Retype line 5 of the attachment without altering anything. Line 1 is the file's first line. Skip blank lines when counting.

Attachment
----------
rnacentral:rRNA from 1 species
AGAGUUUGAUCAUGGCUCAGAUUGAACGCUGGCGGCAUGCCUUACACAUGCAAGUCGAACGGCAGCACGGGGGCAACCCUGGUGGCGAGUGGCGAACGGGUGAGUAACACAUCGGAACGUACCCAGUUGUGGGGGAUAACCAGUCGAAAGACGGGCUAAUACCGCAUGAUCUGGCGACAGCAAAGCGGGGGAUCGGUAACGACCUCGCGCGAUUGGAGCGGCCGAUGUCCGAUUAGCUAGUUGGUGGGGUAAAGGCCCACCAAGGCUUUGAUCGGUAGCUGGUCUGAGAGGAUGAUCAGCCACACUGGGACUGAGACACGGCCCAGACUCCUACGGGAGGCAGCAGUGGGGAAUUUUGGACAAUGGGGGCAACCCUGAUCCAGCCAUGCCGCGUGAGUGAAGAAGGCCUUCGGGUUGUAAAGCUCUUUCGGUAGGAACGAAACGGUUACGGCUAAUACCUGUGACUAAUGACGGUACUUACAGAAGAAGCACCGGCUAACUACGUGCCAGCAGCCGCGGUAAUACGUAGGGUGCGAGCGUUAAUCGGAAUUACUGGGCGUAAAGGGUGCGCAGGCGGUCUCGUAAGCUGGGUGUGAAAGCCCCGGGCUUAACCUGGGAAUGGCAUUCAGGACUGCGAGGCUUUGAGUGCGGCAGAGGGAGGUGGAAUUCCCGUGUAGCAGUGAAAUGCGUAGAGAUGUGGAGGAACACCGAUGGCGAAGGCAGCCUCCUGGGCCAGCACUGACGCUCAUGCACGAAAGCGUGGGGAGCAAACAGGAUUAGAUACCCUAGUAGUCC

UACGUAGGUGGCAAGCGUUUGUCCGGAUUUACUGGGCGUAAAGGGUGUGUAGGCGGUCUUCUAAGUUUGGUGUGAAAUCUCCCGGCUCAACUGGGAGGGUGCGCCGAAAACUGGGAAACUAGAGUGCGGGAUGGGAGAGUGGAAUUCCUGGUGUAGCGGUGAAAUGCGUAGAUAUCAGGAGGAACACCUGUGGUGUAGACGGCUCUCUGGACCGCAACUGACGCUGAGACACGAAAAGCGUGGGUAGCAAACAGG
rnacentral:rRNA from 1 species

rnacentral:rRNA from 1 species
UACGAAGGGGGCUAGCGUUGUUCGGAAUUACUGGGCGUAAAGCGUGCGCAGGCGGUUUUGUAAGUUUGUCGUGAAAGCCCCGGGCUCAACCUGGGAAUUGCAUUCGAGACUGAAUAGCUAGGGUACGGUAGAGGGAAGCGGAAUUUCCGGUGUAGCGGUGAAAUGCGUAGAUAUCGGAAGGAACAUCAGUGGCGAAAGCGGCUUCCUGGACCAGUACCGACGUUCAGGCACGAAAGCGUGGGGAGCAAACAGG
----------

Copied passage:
rnacentral:rRNA from 1 species